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Treatment with Erythropoietin Improves Ineffective Erythropoiesis in a Child with Pyruvate Kinase Deficiency
  • Lisa Wiederer,
  • Franziska Genevaux,
  • Stefan Eber
Lisa Wiederer
Practice for Pediatric Hematology and Haemostaseology and Technical University, Munich, Germany

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Franziska Genevaux
Practice for Pediatric Hematology and Haemostaseology and Technical University, Munich, Germany
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Stefan Eber
Practice for Pediatric Hematology and Haemostaseology and Technical University, Munich, Germany
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Abstract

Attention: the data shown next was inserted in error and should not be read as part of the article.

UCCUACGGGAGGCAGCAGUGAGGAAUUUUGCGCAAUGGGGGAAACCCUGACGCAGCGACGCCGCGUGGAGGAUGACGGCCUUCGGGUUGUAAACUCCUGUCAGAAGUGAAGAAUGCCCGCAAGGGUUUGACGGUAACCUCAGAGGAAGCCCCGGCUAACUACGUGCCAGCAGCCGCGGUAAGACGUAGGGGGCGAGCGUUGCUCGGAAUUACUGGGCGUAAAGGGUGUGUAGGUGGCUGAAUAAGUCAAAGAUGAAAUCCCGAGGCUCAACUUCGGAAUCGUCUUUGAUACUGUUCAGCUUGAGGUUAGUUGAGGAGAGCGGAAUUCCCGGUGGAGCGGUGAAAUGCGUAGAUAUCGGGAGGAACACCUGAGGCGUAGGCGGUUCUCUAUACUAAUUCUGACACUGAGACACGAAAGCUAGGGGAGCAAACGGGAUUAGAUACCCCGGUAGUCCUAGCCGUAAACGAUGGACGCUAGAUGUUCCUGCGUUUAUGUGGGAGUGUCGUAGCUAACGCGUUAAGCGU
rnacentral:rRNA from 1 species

Background: Pyruvate Kinase Deficiency (PKD) drastically reduces the lifespan of erythrocytes resulting in, inter alia, jaundice, hypersplenism and dependency on regular blood transfusions due to hemolysis. Splenectomy and blood transfusions do not guarantee an improvement of clinical symptoms and cause severe side effects such as iron overload and risk of infection. Procedure: Treatment with EPO was introduced two months after birth and commenced with a dosage of < 200.0 U/kg subcutaneously twice per week. Results: Hemoglobin concentration (Hb) remained stable at 8.0 g/dl at the age of 12 months and reached a peak of 11.0 g/dl at 20 moths. No further transfusions were necessary since the effect of EPO set in. Mean corpuscular volume (MCV) showed a slower increase than the number of reticulocytes proving that treatment with EPO improved the maturation of reticulocytes to adult erythrocytes thereby overcoming ineffective erythropoiesis. Iron overload due to prior transfusions was reduced, hypersplenism and compromised liver function were not present at any time. The child’s health and neurological development were in line with its age always. Conclusions: Treatment with EPO overcomes ineffective erythropoiesis in patients with a measurable residual activity of PK preventing the risks and side effects of current standard treatment strategies